• Search Google Scholar
    • Export Citation
  • 18.

    Zhou Y, Ramachandran V, Kumar KA, Westenberger S, Refour P, Zhou B, Li F, Young JA, Chen K, Plouffe D, Henson K, Nussenzweig V, Carlton J, Vinetz JM, Duraisingh MT, Winzeler EA, 2008. Evidence-based annotation of the malaria parasite's genome using comparative expression profiling. PLoS One 3: e1570.

    • Search Google Scholar
    • Export Citation
  • 19.

    Peiris JS, Premawansa S, Ranawaka MB, Udagama PV, Munasinghe YD, Nanayakkara MV, Gamage CP, Carter R, David PH, Mendis KN, 1988. Monoclonal and polyclonal antibodies both block and enhance transmission of human Plasmodium vivax malaria. Am J Trop Med Hyg 39: 2632.

    • Search Google Scholar
    • Export Citation
  • 20.

    Carter EH, Suhrbier A, Beckers PJ, Sinden RE, 1987. The in vitro cultivation of P. falciparum ookinetes, and their enrichment on Nycodenz density gradients. Parasitology 95: 2530.

    • Search Google Scholar
    • Export Citation
  • 21.

    Hurd H, Al-Olayan E, Butcher GA, 2003. In vitro methods for culturing vertebrate and mosquito stages of Plasmodium. Microbes Infect 5: 321327.

    • Search Google Scholar
    • Export Citation
  • 22.

    Udomsangpetch R, Kaneko O, Chotivanich K, Sattabongkot J, 2008. Cultivation of Plasmodium vivax. Trends Parasitol 24: 8588.

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Optimized In Vitro Production of Plasmodium vivax Ookinetes

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  • Division of Infectious Diseases, Department of Medicine, University of California San Diego, La Jolla, California; Asociación Benéfica PRISMA, Lima, Peru; Institute of Tropical Medicine, Universidad Peruana Cayetano Heredia, Lima, Peru

Previous reports have described obtaining mature Plasmodium vivax ookinetes in vitro using blood from infected patients using a simplified, field-based protocol. Here, we report protocols that produce improved P. vivax ookinete yields and morphological development. Optimal conditions included induction of gametogenesis using 10 mM Tris, 170 mM NaCl, 10 mM glucose, 25 mM NaHCO3, and 100 μM xanthurenic acid for 90 minutes at pH 8.0–8.2, followed by culture in RPMI-1640, 50 mg/mL hypoxanthine, 25 mM HEPES, 29 mM NaHCO3, 2 mM L-glutamine, and 20% fetal bovine serum at pH 8.4 for 36 hours. Ookinetes were produced in 86% (18/21) of optimized in vitro cultures; yields ranged from 6.5 × 104 to 2.8 × 106; percent gametocyte conversion ranged from 1.4% to 4.7%. This improved method is suitable for preparation of P. vivax ookinetes in quantities sufficient for biochemical, molecular, and cell biological analysis where basic laboratory facilities are in proximity to patients with vivax malaria.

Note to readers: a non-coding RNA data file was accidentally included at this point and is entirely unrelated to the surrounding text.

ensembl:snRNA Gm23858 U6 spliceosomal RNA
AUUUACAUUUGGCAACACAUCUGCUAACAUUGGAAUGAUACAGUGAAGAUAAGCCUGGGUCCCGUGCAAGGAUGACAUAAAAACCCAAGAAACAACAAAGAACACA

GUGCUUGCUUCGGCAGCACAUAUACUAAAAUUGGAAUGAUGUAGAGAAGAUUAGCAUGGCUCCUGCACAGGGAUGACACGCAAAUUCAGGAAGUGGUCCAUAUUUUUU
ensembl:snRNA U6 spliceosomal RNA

The study of Plasmodium vivax biology lags behind that of other Plasmodium species. 1, 2 Significant differences in details of life cycle, epidemiology, and disease mechanisms of P. vivax and other Plasmodium species, such as the early appearance of gametocytes compared with Plasmodium falciparum, highlight the importance of detailed species-specific investigations. 3

Relevant to the development of transmission-blocking strategies is an understanding of the sporogonic development of malaria parasites within the mosquito midgut. Once a mosquito ingests gametocytes, parasites transform into diploid zygotes and then into motile ookinetes. 46 Plasmodium sporogonic development within the mosquito midgut is asynchronous: Plasmodium vivax ookinete density in the mosquito midgut peaks at 36 hours and ookinetes persist up to 48 hours. 4, 7 The ookinete penetrates the midgut wall and matures as an oocyst, subsequently releasing sporozoites that invade the mosquito salivary glands thereby enabling transmission to the next human on which the mosquito feeds. New strategies to develop and validate transmission-blocking vaccine strategies involve enhancing our detailed knowledge of malaria parasite sporogonic stage biology. Being able to culture the sexual stage forms of human-infecting malaria parasites in quantities sufficient for systems biology analysis (gene expression profiling and proteomic analysis), immunological, cell biological, and biochemical analysis is essential to move the field forward.